“We’re in pretty good shape because we’re performing every night,” added Kian. And, presumably, they’re laying off the Walnut Whips. You know what they say, guys: a moment on the lips, a lifetime on the hips . . .
But as much as they claim to be getting a workout onstage during their current tour, we hear that the lads have taken to being smuggled on and off stage during their concerts in boxes. They say it’s to keep them safe from rabid fans, but, you know, a quick sprint would burn off those pre-show snacks.
However, band insiders insist that the boxes are the only way to transport the guys easily.
“Westlife’s stage is round and in the middle of each venue,” the source said. “We have to hide the band in these large boxes that look like stage equipment which are then pushed to and from the stage each night.”
The only drawback so far is that band member Shane Filan suffers from claustrophobia, which causes him to get stressed out when he’s inside his compartment.
Louis Walsh might want to consider the box thing as an alternate way to transport the band between venues. Imagine the savings if he sent them as freight.
And, this just in: potty-mouther rapper Eminem has taken a few nasty swipes at boy bands in general, and at our boys, in particular.
The rap star, whose song catalog includes ditties about tying up his (understandably ex-) wife and tossing her in the river, has no patience for the more sentimental warblings of boy bands.
“Boy bands are just [bad word]!” he exclaimed. “Singing about love and [bad word]. Who cares?”
Eminem pretended not to be a fan of Louis Walsh’s Irish army.
“Who the [bad word] are Westlife?” he demanded. “Some boy band [bad word]? You tell me they’re a pop band. Well, to each his own.”
Yes, indeedy, young master Eminem. Although we think the rapper doth protest too much — we have a sneaky suspicion that behind closed doors, he spends many a Saturday night standing in front of a full-length mirror, crooning “Bop Bop Baby” into his hairbrush.
And Westlife, don’t be too broken up, will ya? After all, how seriously can you take the criticism of a guy who’s named after a chocolate candy product? And, given your diets, why would you want to?
There comes a time in every woman’s life when she realizes that time has, indeed, marched on and has taken — nay, dragged! her dewy youth along with it. Sometimes, the signs are subtle, like when you no longer get proofed when buying alcohol. Sometimes, they’re not so subtle, like when that cute guy at the video store ignores your flirtatious banter and addresses you as Ma’am. For Irish singer Sinead O’Connor, the sign was of the 10-foot-tall, flashing-neon variety: the firebrand singer was recently mistaken for mellow New Age chanteuse Enya.
Sinead’s moment of blinding clarity occurred as she partied at exclusive Dublin nightspot Lillies Bordello last week. A fellow patron, noting O’Connor’s crop of glossy black hair, excited asked her if she were Enya. So much for the new hairdo, thought Sinead.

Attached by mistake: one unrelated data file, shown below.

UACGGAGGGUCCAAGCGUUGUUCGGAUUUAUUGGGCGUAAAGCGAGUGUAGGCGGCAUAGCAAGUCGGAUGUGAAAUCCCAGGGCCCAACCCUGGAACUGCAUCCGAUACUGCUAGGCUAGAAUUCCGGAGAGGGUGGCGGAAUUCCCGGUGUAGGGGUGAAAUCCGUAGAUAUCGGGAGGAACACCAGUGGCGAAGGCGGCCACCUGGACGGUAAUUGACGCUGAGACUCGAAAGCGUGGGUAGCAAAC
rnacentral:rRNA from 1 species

“I’ve been trying to let [my hair] grow,” the singer explained to Showbizireland.com. “But [when] someone came up to me in Lillies and asked me was I Enya, I was so shocked . . . that the minute I got up on Monday I shaved all my hair off.”
O’Connor’s new look is really a throwback to her original cueball hairstyle, which attracted huge attention from the press back in the early 1990s. Of course, that was back before shaved heads, tongue studs and tattoos became as common as shaved legs. Looking back, O’Connor’s shiny pate and army boots seem almost quaint. But back to the story.
“I now look exactly like I did when I came into the pop business first,” bragged Sinead. “Which is kind of ironic as I have just finished my latest traditional style album, which is called “Sean nos nua.”
Sinead says that she has an extra reason to be proud of her chrome dome.
“It is also cool as I have just recorded a song with Moby, who is a fellow skinhead,” she giggled.
We think it’s a safe bet that, back in the days when his family was barely subsisting on handouts from the St. Vincent de Paul Society in Limerick, Frank McCourt never dreamed that he would someday be granted an audience with the pope. But last week, the author of the Pulitzer Prize-winning memoir “Angela’s Ashes” found himself in Vatican City, waiting his turn to meet the holy father himself.
“I stood in a small queue — behind Jimmy Rogers, mayor of Belfast — wondering ‘What the hell am I doing here?’ ” McCourt told the Sunday Independent.
McCourt, who was accompanied by his wife, Ellen, wondered frantically what he would do when he was actually introduced to the pontiff. But when the moment came, he went on Irish Catholic autopilot.
“I thought I’d just shake his hand and move on,” McCourt said. “But the little Irish Catholic boy in me took over. The next thing is I’m bending down and kissing his ring.”
McCourt was astounded by the range of emotions he felt after meeting the pope.
“I felt like the kid back in Limerick, emerging from the confessional in a state of grace,” he said. “It just proves the power of the church, the conditioning, the wonder. I couldn’t talk for an hour.”
Oscar-winning actress Jennifer Connelly reports having had a meeting of the minds 10 years ago when she ran into former Taoiseach Charles Haughey during a stroll on the windswept Blasket Islands.
Connolly, 31, who recently won the Best Supporting Actress award for her performance in “A Beautiful Mind,” says that she was visiting the Blaskets in 1992 when the chance encounter took place. Though Haughey was involved in highly publicized wiretapping and financial scandals at the time, the young American tourist didn’t recognize him.
“I’m walking along and I’m reading — I think it was a book of plays by Synge,” said Connolly. “And this man comes over to me and says, ‘What are you reading?’ ”
“Synge,” she replied.
“Oh, wonderful, wonderful,” Haughey replied.
The two chatted amiably before Haughey continued on his way. A passerby, witnessing the exchange, told Connolly, “That was the prime minister.”
The actress was astonished, both by Haughey’s friendliness and his approachability.
“[He was] just a man on an island, on his own,” she recalled. “It was incredible. I had no idea.”